Tips for Taking Your Child to Their First Dental Visit


dentalIt’s National Children’s Dental Health Month! If you want your child(ren) to join the cavity-free club and enjoy their dental experience(s) in the future, it is imperative to schedule their first visit early on in childhood. The American Academy of Pediatric Dentistry (AAPD) recommends children have their first dental visit by age one or when the child’s first tooth erupts, whichever comes first. Let me assure you though if you just read that statement and thought, “I’m already behind,” please don’t stress. You are doing the best you can for your child with the information/time/energy that you have, and it’s never too late to set your little one up for success. Here are some tips for taking your child to their first dental visit!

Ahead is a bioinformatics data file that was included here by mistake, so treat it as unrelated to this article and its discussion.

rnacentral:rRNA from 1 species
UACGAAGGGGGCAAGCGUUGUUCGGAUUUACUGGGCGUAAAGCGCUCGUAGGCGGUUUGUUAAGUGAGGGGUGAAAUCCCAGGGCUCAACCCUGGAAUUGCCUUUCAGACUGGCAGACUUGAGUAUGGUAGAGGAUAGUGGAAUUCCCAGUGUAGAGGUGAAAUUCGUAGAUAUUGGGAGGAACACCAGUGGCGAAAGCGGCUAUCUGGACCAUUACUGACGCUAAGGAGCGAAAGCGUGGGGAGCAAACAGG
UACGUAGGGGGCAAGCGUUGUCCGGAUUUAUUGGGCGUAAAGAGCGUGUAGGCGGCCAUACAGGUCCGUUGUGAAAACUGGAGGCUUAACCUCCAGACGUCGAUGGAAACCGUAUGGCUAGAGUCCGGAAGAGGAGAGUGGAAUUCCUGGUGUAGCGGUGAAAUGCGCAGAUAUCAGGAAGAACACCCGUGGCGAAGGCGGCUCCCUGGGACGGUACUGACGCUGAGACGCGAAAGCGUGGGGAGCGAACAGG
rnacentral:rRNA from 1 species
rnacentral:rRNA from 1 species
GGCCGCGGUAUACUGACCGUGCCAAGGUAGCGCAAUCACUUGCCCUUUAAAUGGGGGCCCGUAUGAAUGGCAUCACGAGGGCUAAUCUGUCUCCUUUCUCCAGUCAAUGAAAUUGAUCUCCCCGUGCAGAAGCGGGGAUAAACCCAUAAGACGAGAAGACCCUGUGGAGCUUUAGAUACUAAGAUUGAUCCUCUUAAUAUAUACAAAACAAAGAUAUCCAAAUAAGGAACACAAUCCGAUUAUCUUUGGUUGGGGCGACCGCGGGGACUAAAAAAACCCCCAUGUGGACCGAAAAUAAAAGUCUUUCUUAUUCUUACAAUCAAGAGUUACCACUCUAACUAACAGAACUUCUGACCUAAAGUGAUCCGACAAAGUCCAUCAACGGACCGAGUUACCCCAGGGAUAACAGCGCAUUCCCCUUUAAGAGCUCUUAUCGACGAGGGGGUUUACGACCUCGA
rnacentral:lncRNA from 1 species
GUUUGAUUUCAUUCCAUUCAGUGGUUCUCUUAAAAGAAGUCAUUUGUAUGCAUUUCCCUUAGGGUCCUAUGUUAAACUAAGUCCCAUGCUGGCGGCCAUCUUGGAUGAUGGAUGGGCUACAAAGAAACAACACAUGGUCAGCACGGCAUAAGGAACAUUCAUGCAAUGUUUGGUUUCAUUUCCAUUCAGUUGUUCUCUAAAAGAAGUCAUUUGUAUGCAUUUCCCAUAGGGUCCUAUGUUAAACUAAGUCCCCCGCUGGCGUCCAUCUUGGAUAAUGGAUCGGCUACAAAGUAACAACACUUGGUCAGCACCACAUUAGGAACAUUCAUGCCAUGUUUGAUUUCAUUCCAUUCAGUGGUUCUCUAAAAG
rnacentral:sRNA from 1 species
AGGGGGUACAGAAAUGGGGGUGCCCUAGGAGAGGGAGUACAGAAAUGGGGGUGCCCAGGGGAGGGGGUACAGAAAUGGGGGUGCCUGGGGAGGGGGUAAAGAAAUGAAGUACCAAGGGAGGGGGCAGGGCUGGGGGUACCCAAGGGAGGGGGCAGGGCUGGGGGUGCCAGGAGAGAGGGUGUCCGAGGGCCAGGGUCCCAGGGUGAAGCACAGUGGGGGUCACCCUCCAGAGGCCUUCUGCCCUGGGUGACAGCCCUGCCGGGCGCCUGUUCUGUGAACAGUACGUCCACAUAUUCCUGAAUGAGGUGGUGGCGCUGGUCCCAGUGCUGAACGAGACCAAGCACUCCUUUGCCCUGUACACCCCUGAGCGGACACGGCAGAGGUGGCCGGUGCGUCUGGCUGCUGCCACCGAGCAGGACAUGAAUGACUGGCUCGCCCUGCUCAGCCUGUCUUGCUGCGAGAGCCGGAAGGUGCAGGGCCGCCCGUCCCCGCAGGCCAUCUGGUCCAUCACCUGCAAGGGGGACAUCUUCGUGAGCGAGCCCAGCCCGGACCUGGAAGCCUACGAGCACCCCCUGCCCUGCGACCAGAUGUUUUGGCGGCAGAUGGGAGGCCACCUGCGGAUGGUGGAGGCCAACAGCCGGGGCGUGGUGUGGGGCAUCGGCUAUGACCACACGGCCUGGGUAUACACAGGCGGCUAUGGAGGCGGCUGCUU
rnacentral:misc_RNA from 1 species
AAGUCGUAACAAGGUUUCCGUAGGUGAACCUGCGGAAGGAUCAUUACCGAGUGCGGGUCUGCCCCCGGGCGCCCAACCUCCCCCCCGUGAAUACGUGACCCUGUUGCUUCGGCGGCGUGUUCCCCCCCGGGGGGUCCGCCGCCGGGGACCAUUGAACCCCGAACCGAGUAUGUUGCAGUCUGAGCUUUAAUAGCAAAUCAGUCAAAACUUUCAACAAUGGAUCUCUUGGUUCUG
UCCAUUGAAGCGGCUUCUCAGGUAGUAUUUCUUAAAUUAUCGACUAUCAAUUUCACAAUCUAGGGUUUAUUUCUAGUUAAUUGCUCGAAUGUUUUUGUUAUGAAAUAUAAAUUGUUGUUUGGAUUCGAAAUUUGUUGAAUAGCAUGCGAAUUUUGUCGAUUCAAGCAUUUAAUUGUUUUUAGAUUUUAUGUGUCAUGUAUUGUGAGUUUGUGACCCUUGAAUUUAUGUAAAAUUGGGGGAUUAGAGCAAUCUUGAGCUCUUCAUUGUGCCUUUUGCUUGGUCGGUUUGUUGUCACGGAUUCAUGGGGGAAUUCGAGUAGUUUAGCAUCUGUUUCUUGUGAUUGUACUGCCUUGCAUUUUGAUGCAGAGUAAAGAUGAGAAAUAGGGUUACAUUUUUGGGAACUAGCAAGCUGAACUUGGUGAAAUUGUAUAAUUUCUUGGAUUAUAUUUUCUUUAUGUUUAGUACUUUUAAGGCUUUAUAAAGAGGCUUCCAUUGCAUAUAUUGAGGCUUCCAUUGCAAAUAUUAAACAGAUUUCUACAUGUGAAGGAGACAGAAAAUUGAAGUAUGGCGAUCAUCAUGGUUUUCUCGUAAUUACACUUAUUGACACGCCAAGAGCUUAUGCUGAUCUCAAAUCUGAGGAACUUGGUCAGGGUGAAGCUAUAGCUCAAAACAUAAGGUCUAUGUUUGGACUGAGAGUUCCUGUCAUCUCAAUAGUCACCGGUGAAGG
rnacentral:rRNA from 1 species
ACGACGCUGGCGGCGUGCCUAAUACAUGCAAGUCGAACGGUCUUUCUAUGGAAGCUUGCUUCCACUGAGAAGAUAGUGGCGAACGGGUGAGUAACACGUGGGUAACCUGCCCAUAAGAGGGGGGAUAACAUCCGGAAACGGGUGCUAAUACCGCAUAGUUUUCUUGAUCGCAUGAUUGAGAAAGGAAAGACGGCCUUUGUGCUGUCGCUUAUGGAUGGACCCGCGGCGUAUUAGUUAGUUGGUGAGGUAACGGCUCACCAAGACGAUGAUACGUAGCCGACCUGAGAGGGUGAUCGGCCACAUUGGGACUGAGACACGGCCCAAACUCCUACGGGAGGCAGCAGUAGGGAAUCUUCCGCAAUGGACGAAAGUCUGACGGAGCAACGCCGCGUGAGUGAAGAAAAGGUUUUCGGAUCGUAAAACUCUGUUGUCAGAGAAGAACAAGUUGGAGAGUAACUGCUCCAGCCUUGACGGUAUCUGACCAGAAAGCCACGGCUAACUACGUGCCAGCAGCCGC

Taking your child to any event at a scheduled time can be stressful in itself. So, if scheduling your child’s first dental visit sounds like a daunting, impossible, avoid-at-all-costs task, you are not alone. As a registered dental hygienist in a pediatric dental office, please hear me when I say, “We get it.” Flexibility, tantrums, tears, and sometimes vomit come with the territory, so if your own “what ifs,” fears, or insecurities are preventing you from scheduling your baby’s first appointment, you can do it! Take solace in knowing that the likelihood of your child throwing something our way that we have never seen before is extremely rare. Many dental offices offer quick, simple ways to schedule including online appointment requests, scheduling via email, or a quick phone call. In order to expedite the process for everyone, it helps to have your insurance information handy when scheduling. Many offices will verify your child’s eligibility prior to their appointment.